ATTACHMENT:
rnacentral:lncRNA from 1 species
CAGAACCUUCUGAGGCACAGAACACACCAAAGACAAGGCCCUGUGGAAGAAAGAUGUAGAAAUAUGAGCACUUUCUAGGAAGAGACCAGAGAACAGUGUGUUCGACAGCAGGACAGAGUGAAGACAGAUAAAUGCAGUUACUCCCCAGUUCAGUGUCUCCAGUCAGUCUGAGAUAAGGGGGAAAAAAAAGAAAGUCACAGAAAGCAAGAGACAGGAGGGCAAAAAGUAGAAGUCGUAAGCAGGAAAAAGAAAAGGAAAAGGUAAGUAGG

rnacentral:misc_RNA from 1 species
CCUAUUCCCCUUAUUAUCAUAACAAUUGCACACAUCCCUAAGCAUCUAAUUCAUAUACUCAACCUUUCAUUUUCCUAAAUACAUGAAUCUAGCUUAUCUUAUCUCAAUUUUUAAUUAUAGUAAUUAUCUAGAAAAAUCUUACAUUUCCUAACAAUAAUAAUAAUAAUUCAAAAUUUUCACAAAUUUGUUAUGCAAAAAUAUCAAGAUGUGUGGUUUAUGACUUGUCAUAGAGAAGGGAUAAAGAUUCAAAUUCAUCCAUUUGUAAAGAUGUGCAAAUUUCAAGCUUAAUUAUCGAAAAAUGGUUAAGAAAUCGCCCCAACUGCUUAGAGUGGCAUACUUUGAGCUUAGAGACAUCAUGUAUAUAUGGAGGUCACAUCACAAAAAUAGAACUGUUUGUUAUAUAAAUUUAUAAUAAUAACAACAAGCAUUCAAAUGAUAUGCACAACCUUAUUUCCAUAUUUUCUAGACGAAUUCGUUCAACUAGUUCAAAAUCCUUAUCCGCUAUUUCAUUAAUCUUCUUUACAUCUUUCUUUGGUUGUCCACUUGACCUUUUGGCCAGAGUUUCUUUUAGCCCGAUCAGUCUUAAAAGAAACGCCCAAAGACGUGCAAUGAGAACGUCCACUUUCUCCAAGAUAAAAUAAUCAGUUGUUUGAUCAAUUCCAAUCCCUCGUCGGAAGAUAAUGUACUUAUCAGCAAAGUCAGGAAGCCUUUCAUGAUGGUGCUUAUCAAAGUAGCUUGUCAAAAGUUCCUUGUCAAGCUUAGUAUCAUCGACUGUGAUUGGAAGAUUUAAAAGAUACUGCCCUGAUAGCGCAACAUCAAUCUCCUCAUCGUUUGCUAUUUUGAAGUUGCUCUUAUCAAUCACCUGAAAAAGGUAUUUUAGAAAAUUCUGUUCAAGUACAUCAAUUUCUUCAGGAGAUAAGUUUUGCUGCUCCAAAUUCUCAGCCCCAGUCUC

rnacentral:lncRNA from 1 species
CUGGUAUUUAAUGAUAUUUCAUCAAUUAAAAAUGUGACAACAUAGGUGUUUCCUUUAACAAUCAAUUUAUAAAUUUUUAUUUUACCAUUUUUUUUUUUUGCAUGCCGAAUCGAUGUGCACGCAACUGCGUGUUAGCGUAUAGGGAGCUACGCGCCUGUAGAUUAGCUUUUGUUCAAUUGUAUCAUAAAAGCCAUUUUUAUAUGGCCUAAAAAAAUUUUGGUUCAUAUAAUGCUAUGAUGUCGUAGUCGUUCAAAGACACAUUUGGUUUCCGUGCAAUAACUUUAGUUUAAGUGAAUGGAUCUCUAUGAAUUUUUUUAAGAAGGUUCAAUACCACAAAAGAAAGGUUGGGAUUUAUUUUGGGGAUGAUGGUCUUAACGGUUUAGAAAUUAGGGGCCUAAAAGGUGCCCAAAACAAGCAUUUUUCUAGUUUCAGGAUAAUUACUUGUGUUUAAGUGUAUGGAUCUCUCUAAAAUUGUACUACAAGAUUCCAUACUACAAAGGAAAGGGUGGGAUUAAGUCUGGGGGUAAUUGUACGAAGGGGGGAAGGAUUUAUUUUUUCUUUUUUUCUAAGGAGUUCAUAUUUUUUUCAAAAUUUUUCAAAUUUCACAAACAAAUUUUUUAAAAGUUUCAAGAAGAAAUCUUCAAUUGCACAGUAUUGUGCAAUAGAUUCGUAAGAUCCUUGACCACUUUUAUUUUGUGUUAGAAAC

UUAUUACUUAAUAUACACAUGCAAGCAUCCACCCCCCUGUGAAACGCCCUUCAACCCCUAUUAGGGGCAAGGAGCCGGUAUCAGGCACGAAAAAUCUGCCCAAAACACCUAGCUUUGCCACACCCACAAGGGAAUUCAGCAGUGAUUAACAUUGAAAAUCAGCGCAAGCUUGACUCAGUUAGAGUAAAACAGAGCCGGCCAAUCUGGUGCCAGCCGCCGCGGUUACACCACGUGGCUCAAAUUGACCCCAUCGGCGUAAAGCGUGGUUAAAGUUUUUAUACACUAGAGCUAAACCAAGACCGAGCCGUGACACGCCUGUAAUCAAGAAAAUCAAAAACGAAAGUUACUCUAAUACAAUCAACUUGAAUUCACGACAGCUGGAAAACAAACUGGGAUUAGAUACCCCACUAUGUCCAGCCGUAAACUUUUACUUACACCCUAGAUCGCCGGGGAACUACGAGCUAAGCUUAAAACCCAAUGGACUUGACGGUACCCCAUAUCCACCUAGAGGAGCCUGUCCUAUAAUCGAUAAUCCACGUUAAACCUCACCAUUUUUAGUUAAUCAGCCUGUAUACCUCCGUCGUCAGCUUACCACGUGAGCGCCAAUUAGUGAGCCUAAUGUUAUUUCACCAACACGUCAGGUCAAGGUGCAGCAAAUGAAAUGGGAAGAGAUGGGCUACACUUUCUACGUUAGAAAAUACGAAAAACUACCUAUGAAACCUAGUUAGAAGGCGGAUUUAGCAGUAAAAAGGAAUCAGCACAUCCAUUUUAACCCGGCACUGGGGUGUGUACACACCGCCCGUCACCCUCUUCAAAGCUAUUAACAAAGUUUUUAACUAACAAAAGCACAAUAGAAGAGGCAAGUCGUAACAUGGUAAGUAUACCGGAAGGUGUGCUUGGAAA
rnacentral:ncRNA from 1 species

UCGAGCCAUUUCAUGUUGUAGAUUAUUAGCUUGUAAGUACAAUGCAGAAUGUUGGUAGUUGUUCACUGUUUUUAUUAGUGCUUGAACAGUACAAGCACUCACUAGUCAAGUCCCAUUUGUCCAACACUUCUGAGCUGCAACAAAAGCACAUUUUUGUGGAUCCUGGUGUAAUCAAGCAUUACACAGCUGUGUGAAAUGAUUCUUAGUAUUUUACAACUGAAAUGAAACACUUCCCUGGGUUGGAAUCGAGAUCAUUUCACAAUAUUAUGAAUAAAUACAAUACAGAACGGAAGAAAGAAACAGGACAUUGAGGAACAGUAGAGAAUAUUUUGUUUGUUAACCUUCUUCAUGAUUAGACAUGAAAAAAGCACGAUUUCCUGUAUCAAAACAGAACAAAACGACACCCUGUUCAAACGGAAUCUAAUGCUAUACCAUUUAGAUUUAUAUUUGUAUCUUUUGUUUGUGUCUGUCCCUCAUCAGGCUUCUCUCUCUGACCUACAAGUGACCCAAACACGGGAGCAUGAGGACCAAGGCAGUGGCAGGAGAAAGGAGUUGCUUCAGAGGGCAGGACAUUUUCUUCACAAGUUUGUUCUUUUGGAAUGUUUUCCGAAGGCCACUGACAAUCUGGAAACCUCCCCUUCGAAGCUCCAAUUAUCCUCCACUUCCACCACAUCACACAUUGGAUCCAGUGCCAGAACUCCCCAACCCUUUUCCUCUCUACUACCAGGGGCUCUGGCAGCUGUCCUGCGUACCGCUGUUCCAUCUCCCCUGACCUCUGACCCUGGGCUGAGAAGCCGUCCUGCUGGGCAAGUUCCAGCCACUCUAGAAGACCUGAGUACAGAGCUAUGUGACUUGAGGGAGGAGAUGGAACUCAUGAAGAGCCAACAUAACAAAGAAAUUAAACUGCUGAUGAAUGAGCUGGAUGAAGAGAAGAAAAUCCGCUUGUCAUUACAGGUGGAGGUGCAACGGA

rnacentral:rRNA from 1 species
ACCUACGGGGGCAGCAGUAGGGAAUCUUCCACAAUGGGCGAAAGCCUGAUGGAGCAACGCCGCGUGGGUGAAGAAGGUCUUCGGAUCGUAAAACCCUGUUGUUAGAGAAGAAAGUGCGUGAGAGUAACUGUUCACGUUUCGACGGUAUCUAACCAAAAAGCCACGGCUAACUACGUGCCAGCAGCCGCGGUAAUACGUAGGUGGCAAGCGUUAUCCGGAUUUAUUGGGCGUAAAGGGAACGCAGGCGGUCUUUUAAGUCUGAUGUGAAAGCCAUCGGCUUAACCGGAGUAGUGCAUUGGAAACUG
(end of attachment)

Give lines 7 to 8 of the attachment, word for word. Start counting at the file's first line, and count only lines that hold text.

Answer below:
UUAUUACUUAAUAUACACAUGCAAGCAUCCACCCCCCUGUGAAACGCCCUUCAACCCCUAUUAGGGGCAAGGAGCCGGUAUCAGGCACGAAAAAUCUGCCCAAAACACCUAGCUUUGCCACACCCACAAGGGAAUUCAGCAGUGAUUAACAUUGAAAAUCAGCGCAAGCUUGACUCAGUUAGAGUAAAACAGAGCCGGCCAAUCUGGUGCCAGCCGCCGCGGUUACACCACGUGGCUCAAAUUGACCCCAUCGGCGUAAAGCGUGGUUAAAGUUUUUAUACACUAGAGCUAAACCAAGACCGAGCCGUGACACGCCUGUAAUCAAGAAAAUCAAAAACGAAAGUUACUCUAAUACAAUCAACUUGAAUUCACGACAGCUGGAAAACAAACUGGGAUUAGAUACCCCACUAUGUCCAGCCGUAAACUUUUACUUACACCCUAGAUCGCCGGGGAACUACGAGCUAAGCUUAAAACCCAAUGGACUUGACGGUACCCCAUAUCCACCUAGAGGAGCCUGUCCUAUAAUCGAUAAUCCACGUUAAACCUCACCAUUUUUAGUUAAUCAGCCUGUAUACCUCCGUCGUCAGCUUACCACGUGAGCGCCAAUUAGUGAGCCUAAUGUUAUUUCACCAACACGUCAGGUCAAGGUGCAGCAAAUGAAAUGGGAAGAGAUGGGCUACACUUUCUACGUUAGAAAAUACGAAAAACUACCUAUGAAACCUAGUUAGAAGGCGGAUUUAGCAGUAAAAAGGAAUCAGCACAUCCAUUUUAACCCGGCACUGGGGUGUGUACACACCGCCCGUCACCCUCUUCAAAGCUAUUAACAAAGUUUUUAACUAACAAAAGCACAAUAGAAGAGGCAAGUCGUAACAUGGUAAGUAUACCGGAAGGUGUGCUUGGAAA
rnacentral:ncRNA from 1 species